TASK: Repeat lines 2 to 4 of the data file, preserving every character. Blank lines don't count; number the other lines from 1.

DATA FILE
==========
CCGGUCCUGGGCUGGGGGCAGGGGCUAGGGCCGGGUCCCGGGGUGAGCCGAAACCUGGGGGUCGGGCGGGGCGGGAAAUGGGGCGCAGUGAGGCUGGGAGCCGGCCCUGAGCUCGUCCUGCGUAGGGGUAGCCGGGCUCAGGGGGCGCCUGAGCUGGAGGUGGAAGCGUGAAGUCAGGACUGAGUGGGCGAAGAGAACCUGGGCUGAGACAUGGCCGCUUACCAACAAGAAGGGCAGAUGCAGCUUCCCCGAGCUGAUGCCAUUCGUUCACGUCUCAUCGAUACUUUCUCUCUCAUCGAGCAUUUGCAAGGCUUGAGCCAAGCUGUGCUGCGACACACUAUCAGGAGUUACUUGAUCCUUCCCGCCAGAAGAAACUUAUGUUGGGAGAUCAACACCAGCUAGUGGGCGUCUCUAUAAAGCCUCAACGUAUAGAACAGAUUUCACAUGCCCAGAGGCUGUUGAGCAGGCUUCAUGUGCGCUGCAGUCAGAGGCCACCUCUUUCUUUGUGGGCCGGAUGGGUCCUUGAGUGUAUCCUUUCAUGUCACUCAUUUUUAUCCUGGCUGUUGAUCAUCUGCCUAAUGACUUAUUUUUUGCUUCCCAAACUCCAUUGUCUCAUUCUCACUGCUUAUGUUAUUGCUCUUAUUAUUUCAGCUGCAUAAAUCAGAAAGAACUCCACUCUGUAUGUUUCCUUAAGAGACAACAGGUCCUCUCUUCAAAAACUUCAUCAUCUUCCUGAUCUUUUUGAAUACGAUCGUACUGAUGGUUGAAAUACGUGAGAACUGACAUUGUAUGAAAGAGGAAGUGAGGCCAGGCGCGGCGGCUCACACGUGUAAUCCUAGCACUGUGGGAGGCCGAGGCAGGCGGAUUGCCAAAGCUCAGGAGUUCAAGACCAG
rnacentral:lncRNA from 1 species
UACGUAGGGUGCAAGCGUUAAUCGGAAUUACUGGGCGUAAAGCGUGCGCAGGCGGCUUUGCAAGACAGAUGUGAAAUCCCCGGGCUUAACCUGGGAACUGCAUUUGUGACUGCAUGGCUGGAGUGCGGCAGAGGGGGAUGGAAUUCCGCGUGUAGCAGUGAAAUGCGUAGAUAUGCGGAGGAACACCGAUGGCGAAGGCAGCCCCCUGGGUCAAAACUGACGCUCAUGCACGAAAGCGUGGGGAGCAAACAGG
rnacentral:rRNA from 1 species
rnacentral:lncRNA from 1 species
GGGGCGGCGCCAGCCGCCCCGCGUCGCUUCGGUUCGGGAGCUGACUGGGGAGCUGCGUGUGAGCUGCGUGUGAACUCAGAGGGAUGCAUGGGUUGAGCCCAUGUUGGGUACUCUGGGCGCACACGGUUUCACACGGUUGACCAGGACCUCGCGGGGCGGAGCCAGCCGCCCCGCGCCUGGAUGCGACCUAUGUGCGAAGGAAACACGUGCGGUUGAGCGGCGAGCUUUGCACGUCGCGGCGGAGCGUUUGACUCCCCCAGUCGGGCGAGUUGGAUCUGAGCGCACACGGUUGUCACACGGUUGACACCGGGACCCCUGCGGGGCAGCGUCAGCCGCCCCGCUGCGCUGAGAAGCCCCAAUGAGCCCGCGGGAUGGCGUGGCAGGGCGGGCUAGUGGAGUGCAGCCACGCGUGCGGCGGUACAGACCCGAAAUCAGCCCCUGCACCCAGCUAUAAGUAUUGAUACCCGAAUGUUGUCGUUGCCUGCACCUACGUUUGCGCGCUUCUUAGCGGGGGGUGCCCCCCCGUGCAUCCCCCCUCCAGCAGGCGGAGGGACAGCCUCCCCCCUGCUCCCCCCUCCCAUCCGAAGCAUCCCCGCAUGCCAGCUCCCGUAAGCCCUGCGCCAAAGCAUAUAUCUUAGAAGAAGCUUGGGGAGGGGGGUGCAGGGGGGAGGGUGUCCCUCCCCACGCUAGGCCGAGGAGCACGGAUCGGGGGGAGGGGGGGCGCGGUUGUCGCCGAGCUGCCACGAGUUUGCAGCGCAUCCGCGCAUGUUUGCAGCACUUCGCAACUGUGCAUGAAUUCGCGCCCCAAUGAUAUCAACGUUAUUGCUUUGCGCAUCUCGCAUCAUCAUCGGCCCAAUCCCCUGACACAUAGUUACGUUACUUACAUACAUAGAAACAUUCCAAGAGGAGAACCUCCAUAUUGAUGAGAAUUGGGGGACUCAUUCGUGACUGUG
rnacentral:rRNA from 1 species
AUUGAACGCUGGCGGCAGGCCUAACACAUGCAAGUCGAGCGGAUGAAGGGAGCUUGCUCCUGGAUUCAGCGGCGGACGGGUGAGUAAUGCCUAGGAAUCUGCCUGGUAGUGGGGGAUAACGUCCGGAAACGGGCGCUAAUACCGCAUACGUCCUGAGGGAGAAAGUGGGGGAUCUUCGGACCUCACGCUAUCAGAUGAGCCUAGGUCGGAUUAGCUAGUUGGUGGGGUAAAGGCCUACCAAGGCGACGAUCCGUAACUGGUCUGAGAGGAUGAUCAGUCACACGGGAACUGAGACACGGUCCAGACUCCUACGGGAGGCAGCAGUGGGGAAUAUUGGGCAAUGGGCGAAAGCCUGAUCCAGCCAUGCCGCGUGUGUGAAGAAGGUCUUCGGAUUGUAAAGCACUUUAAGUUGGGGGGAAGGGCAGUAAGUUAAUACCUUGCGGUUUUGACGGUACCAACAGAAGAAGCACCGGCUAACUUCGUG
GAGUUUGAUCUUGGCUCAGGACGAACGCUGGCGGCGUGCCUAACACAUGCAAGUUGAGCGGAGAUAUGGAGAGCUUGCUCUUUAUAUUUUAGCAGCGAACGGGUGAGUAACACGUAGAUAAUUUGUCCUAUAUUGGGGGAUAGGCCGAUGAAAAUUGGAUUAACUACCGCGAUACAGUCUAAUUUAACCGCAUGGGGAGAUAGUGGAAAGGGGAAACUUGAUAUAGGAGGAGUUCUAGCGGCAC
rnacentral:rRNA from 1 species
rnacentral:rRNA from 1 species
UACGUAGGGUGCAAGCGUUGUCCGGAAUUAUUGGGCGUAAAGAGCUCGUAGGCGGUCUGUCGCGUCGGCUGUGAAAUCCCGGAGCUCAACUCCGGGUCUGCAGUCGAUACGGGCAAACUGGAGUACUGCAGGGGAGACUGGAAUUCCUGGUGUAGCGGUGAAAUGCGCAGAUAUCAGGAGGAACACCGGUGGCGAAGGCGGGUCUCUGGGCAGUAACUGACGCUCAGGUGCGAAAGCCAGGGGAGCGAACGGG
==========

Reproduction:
rnacentral:lncRNA from 1 species
UACGUAGGGUGCAAGCGUUAAUCGGAAUUACUGGGCGUAAAGCGUGCGCAGGCGGCUUUGCAAGACAGAUGUGAAAUCCCCGGGCUUAACCUGGGAACUGCAUUUGUGACUGCAUGGCUGGAGUGCGGCAGAGGGGGAUGGAAUUCCGCGUGUAGCAGUGAAAUGCGUAGAUAUGCGGAGGAACACCGAUGGCGAAGGCAGCCCCCUGGGUCAAAACUGACGCUCAUGCACGAAAGCGUGGGGAGCAAACAGG
rnacentral:rRNA from 1 species